When I heard over the summer that another auction of Elizabeth Taylor’s possessions was taking place in December I was elated! I remembered her last sale and the fun I have had since see her jewelry reappear on the auction block.

This sale was a little different. It was suppose to show the star’s fun side. So when the catalog appeared on Julien’s Auction website I combed through looking at the history and for the jewelry. There were a few pieces but not to the level of her last sale.

The Piece That Didn’t Sell

I did think that most if not all pieces would sell. So I wasn’t surprised to see a few unsold items but did wonder why a particular item went unsold. The item I am referring to was the first item up for auction. The Cartier belt engraved as a gift to Elizabeth’s mother. The estimate was $10,000-$20,000.

The engraving was written in Elizabeth’s own hand. The inscription reads: “To My ‘Hippy’ / Mom / All my love / Elizabeth” . A sentimental piece that was the first item to be passed over at the auction.

Is the Marketing Wrong?

If you are in the retail business or follow marketing articles, retailers are always being told that a compelling story can set your product and business above the rest. A way to differentiate your self is to have a unique story. You probably have read other articles with the same advice.

Over the next year I am going to look deeper into this auction and the other Elizabeth Taylor auction that was over 8 years ago at Christie’s. I will also be looking at other auction data and seeing if there would have been a better way to have presented this item so it might have sold or is this an indication of something else.

Thank you for reading. I plan to get back to a regular blogging schedule for 2020! Happy Elizabeth Taylor Tuesday!

Summer Jewelry Books- 2019 Edition

As people plan vacations, I look at what interesting books are out that I can read over my summer. I periodically check Amazon to see what books are coming out.  I have 5 picks for summer jewelry books that are coming out this summer or came out less than a month ago.

History is something I have always enjoyed learning about whether it is about a person, place or time period. I have read several books on Faberge and what I love about how people write about the master jeweler is all the techniques and details.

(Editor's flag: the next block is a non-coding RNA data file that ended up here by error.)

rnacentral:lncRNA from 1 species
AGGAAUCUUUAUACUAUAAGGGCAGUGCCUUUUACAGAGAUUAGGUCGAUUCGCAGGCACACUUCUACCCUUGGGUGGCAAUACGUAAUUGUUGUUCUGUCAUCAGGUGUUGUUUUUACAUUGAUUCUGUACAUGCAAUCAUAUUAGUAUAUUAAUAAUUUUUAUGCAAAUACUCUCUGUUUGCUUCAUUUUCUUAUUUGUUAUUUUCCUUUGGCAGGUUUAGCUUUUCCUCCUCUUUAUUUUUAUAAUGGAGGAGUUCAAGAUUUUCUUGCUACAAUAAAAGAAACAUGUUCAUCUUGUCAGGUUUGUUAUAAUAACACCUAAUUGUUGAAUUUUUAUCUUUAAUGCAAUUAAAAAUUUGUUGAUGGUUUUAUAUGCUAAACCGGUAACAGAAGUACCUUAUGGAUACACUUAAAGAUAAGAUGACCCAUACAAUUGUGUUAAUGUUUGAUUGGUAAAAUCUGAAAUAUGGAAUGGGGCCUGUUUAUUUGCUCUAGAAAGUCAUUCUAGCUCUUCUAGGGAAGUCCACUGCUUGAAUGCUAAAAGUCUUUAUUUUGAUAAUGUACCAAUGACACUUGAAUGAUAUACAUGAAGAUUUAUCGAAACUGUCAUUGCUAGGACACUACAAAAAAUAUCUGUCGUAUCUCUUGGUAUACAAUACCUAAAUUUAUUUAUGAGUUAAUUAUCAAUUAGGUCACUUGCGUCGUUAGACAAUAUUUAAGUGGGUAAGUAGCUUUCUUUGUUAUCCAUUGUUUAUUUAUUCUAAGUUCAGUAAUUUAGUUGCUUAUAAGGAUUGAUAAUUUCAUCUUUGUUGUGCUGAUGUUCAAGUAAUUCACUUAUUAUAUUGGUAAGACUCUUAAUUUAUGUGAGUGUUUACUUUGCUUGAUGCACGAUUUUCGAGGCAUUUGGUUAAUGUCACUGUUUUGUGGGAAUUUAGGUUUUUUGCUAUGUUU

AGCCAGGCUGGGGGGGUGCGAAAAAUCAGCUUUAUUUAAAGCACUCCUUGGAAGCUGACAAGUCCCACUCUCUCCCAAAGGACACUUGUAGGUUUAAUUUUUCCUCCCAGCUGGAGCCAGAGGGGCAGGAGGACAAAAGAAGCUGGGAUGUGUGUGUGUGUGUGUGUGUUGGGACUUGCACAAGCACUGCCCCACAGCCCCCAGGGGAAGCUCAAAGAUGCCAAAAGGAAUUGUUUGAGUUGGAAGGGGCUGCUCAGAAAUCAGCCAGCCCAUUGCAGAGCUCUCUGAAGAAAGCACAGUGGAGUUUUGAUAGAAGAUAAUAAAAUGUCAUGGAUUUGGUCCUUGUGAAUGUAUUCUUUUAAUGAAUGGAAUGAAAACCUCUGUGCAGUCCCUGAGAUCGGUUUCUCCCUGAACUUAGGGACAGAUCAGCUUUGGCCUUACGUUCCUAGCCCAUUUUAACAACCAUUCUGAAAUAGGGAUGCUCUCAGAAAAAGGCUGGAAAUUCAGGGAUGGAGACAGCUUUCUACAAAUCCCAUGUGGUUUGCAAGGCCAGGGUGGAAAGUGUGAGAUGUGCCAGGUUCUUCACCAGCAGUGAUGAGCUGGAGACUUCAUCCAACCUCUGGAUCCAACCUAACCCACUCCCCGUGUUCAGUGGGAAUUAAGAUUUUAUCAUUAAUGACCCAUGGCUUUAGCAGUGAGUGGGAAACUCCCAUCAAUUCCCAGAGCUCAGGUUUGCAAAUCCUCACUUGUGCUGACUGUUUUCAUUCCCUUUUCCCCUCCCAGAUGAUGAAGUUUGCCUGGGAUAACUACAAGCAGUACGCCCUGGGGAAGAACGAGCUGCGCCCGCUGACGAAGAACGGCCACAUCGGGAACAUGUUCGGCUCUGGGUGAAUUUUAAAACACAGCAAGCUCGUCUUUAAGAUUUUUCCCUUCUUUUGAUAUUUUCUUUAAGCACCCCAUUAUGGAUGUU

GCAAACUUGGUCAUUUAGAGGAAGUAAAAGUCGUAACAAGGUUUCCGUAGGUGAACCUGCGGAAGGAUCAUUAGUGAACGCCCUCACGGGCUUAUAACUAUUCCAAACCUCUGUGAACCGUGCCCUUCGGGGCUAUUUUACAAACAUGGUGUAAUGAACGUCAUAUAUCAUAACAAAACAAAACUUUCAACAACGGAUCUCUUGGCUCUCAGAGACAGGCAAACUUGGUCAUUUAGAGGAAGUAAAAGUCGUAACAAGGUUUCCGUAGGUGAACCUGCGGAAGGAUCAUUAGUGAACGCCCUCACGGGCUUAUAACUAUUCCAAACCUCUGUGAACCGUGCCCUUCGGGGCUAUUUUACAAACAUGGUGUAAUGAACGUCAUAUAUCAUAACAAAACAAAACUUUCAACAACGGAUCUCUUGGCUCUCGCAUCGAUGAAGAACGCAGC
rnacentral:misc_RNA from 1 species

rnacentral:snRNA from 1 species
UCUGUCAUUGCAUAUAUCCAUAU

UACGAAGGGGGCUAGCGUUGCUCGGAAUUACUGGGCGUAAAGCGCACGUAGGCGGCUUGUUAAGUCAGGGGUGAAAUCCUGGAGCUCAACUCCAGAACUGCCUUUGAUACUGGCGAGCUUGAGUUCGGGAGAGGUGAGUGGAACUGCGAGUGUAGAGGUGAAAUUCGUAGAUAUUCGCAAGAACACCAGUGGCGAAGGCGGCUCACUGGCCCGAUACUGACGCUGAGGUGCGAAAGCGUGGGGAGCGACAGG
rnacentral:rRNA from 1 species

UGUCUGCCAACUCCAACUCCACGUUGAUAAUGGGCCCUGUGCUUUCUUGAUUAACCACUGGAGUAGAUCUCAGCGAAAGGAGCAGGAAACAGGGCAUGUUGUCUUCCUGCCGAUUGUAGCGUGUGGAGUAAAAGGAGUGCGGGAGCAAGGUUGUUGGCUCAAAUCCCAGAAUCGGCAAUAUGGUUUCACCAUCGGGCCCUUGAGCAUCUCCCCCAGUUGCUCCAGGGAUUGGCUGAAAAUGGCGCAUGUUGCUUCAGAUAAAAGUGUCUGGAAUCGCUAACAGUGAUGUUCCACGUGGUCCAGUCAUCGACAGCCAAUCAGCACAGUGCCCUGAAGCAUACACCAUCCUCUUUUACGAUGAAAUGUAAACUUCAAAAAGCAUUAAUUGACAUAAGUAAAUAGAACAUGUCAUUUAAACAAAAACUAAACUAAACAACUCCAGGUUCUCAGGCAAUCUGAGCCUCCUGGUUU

Books focusing on Techniques and History

Looking at Jewelry by Susanne Gänsicke & Yvonne J. Markowitz -June 18, 2019

This offers explanations of jewelry terms. The book is geared toward jewelry makers, students, scholars but for anyone interested in a more in depth look at the methods and materials this is one to check out.

Jewels and Jewelry by Clare Phillips– May 21, 2019

As a fan of tiaras and royal history (mostly British) this is a great introduction to one of the finest jewelry collections at a museum. This book looks at examples from the Victoria and Albert Museum. The contents are divided into three parts: materials, chronology of style, manufacturing and distribution. That last section is of interest to me, I love learning about the supply chain of an industry.

Nubian Gold: Ancient Jewelry from Sudan and Egypt by Peter Lacovara & Yvonne J. Markowitz– July 9, 2019

This is a topic I don’t know as much about. I admire the designs of David Webb and Suzanne Belperron who were inspired by ancient gold techniques. A background and history of the area that these treasures come from would be a new world for me to explore.

Fiction Read

The Amazing Adventures of Aaron Broom: A Novel Paperback by A. E. Hotchner – June 11, 2019

Not everyone likes reference books all the time. This looked like a fun summer read the first line of the description caught my eye, “Twelve-year-old Aaron Broom is protecting his father’s car from repossession when he witnesses a jewelry store robbery gone wrong.” It turns out the father of the boy is accused. Aaron must seek out the real criminal by coming in contact with gangsters, diamond deals and more to clear his dad’s name. The story is set in St. Louis which is near my hometown so another bonus for that!

Book about the Jeweler

The Art of the Jeweler: Excellence and Craftmanship by Guillaume Glorieux– June 10, 2019